The second codex, which was that of interest to me, was written around two centuries later and shows significant changes in scribal standards in the adoption of book hand (? – picture of f.164 v. below). It was originally owned by the Augustine priory of Lanthony in Gloucestershire. That this is bound with the Leofric codex from Exeter exemplifies the nature of Insular archives in microcosm. The codices were created in geographically and temporally disparate locations, yet in the MS dispersal after the dissolution of the monasteries, both monastic texts made their way into a single private collection. I have been unable to locate precisely when the two codices were bound together, however this was not an uncommon practice of the post-Reformation MS collectors and it was likely done in the 16th or 17th century. It is not difficult to see why they would have been joined by a later collector – bracketed by the Enchiridion of Augustine, and his de penitencia, the Vita is anomalous within the second codex. Both codices give primacy to the works of Augustine and it is likely this that brings these two distinctive books together in one binding.

received_10154383018242376

In content, the text of the Vita S. Eadwardi regis et martyris in MS 149 reflects the ‘wicked stepmother’ narrative described in my post on Edward the Martyr, and is largely the same as the text I viewed at Trinity College Dublin. As such it assists in the thoroughness of my research, but only insofar as I can state that Lambeth Palace MS 149 does not innovate upon the text of the Vita.

Once again it was a pleasure to be able to handle the historical artefact, and needless to say I spent a fair amount of time examining and appreciating the craftsmanship of even those passages of no relevance to my research. Lambeth Palace Library itself, and its reading rooms, are an intimate and functional space conducive to research. The staff are friendly, the MSS accessible and the archival practices excellent. The online catalogue is not ideal as it stands and is rather particular, though in writing this blog I have noted that it seems to have improved over the past six months, so given time it will grow to serve its purpose. Undoubtedly my favourite of the archives I have visited.

-Matt Firth

Summary, Lambeth Palace Library:

Accessibility:

Reading tickets are granted with ID upon arrival at the Lambeth Palace reading room. There is no requirement for a letter of introduction, making the archive more accessible than most.

Access is quite simple once you find the door! Access is from Lambeth Palace Road which runs along the Thames – look for a small black door in the wall with a sign alongside indicating hours of operation (see feature photo). Use the intercom to speak to the duty-librarian who will buzz you in and meet you at the inner doors. I recommend sending an introductory email before attending.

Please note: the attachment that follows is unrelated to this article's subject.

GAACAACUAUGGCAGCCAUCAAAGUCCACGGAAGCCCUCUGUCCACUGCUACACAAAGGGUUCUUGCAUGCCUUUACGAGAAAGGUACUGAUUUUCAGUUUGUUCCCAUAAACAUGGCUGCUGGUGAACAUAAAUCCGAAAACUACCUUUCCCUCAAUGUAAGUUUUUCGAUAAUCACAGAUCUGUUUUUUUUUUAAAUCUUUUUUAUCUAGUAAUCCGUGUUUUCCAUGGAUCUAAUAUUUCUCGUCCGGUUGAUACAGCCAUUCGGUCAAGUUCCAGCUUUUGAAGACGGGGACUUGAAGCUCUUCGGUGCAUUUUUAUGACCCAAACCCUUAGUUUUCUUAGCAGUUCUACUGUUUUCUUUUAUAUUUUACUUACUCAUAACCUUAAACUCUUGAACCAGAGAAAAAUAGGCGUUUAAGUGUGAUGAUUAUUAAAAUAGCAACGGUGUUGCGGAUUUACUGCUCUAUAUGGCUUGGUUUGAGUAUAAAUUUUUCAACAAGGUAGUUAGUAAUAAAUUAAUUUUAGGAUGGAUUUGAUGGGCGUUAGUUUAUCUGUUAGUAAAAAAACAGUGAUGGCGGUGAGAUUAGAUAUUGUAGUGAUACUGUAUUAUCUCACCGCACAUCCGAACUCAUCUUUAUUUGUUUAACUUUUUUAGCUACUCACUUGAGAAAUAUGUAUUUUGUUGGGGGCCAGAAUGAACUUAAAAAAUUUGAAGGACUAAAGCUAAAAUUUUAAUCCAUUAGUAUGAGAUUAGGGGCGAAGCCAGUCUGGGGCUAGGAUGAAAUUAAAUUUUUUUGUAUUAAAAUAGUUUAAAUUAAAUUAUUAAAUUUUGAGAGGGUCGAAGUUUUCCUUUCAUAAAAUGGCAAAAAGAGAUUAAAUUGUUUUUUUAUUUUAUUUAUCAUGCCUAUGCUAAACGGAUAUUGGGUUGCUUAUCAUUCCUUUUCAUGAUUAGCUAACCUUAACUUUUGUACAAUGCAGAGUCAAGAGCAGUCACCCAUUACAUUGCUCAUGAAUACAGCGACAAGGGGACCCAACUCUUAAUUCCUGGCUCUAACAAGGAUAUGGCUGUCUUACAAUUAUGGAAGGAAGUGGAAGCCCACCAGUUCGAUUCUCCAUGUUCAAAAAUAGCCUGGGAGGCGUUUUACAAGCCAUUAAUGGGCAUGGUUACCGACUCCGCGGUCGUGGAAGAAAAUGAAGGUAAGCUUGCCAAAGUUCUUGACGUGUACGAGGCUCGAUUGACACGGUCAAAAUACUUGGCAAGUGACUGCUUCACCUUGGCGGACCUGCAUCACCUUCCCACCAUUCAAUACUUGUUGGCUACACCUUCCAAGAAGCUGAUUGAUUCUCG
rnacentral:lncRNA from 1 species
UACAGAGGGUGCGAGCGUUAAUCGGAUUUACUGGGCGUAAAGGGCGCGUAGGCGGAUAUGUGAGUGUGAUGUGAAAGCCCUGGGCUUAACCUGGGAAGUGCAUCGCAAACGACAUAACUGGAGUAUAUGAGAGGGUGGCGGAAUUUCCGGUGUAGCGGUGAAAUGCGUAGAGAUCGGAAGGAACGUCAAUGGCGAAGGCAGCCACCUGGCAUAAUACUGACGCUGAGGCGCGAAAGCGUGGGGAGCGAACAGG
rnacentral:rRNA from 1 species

MS Access:

MSS are retrieved upon request and collection is quick and efficient. It is possible to email in advance to confirm MS availability; however, the MSS will only be retrieved upon attendance.

Cost:

No cost for access.

Digitisation:

Available as self-service – £5 per day for unlimited digitisation.

Catalogues:

The Lambeth Palace online catalogue is incomplete and somewhat finicky – I have yet to get it to provide an accurate hit. However, the archives are regularly updating it with digitised content and, unlike the below volumes, it theoretically catalogues the acquisitions from Sion College library.

General Catalogue: H. J. Todd, A Catalogue of the Archiepiscopal Manuscripts in the Library at Lambeth Palace, London, 1812.

Descriptive Catalogue: M. R. James, A Descriptive Catalogue of the Manuscripts in the Library of Lambeth Palace, 2 vols, reprint, Cambridge, 2011 (1932).

Further information:

Lambeth Palace Library:

http://www.lambethpalacelibrary.org/content/manuscripts

The Black Friary, Trim Ireland (2) – The Irish Archaeological Field School

An essential skill within the field of history is critical analysis. Historians apply critical reading skills to primary source texts and to secondary analyses both, but often accept the content of archaeological reports without serious investigation. I believe this is largely as a product of necessity as the archaeological skill-set is not one normally taught within history syllabi. So I was pretty pleased this week that I got involved with the messy technical detail of planning, excavating, and cataloguing that enable archaeologists to build their conclusions. Which said, onto the second week of the IAFS two-week program, the adventures of the week, and what I have learned in my time at Trim (aside from the fact that potatoes go with everything). This week’s IAFS program looked like this: